STATE COLLEGE (KDKA) – The final chance for the Penn State community to say goodbye to former Nittany Lions football coach Joe Paterno was held Thursday.
A public service, called “A Memorial for Joe,” took place at the Bryce Jordan Center on Penn State’s campus.
The building was packed as the tickets made available to the public online earlier this week were gone within minutes.
When Sue Paterno arrived, she received a standing ovation which went on for several minutes.
From then on, the life and times of Paterno was chronicled by a representative from each of the six decades he coached.
His demand for excellence in academics was also highlighted.
Former Penn State quarterback Todd Blackledge represented the decade of the 1980s
“Fear no one, but respect every opponent you play against and hope and expect him to bring out the very best in you as a competitor. Be humble in victory and gracious in defeat. That’s what made him extraordinary. It wasn’t just compete hard and try to win, but do it the right way. Always try to do it the right way,” Blackledge said.
“Rest in peace coach, we’ll take it from here,” Charlie Pittman said representing the 1960s.
Nike Chairman Phil Knight talked about the last few months of Paterno’s life.
“it turns out he gave full disclosure to his superiors. Information that went up the chain to the head of the campus police and the president of the school. The matter was in the hands of a world class university and by a president with an outstanding national reputation. Whatever the details of the investigation are this much is clear to me. There is a villain in this tragedy that lies in that investigation, not in Joe Paterno’s response to it,” Knight said.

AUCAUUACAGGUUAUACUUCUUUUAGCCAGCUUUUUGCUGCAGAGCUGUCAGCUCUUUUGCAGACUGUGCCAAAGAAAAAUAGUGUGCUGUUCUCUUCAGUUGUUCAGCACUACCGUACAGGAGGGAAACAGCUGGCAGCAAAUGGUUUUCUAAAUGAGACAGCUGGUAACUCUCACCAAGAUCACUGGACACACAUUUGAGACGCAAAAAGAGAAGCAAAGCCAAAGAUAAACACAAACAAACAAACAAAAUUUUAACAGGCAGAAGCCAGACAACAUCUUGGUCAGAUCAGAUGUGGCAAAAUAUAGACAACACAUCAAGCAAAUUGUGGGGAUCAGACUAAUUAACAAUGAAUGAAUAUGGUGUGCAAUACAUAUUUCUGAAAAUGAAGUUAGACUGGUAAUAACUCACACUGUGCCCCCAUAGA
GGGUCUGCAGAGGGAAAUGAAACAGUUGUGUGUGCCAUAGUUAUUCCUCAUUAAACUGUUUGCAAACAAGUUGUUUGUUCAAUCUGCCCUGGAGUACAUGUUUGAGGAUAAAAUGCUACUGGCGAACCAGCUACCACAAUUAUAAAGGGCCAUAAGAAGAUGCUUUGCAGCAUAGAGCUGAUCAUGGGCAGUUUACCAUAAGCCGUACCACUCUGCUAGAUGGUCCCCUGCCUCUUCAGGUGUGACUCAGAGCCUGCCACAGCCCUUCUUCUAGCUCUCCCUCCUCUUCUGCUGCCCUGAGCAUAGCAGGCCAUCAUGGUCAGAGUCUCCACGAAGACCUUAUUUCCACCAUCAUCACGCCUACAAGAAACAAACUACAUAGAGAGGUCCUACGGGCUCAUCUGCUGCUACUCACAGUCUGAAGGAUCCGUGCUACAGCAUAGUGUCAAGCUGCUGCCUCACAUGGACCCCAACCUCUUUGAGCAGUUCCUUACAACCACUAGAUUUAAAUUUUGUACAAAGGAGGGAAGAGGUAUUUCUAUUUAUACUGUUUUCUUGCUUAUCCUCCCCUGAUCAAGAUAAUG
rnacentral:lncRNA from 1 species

Paterno’s son, Jay, concluded the memorial by sharing the final words he said to his father.
“I kissed him and whispered into his ear so only he could hear. ‘Dad, you won. You did all you could do. You’ve done enough. We all love you. You won. You can go home now,’” Jay Paterno said.
One woman made a three-hour drive from New Jersey to attend the event.
“It’s nice to give him this tribute in recognition of all the work he has done for the past 61 years at this school,” said Christina Kos, of New Jersey. “I actually had to call up to get them because Ticketmaster wasn’t working. I think it took me about 23 times before I got somebody. I was happy to get them, so happy to make the trip out here.”
His son, Jay Paterno, also spoke at the event.
Today’s public service follows several days of mourning on the campus.
Public viewings were held on Tuesday and Wednesday following Paterno’s death last weekend. Mourners lined up by the thousands outside of the Pasquerilla Spiritual Center for a chance to say goodbye to the legendary coach.
After the viewing ended on Wednesday, family and friends of Paterno grieved privately at a closed memorial service.
Then, by the thousands, people lined the streets as the funeral procession drove through the Penn State campus and State College.
After the ceremony, the hearse was followed by the Nittany Lions’ team bus, which took the family to the burial site.
Meanwhile, the pile of flowers and other mementos left at the Paterno statue has grown significantly over the past few days.
Stay with KDKA all day for full reports from Harold Hayes and David Highfield in State College.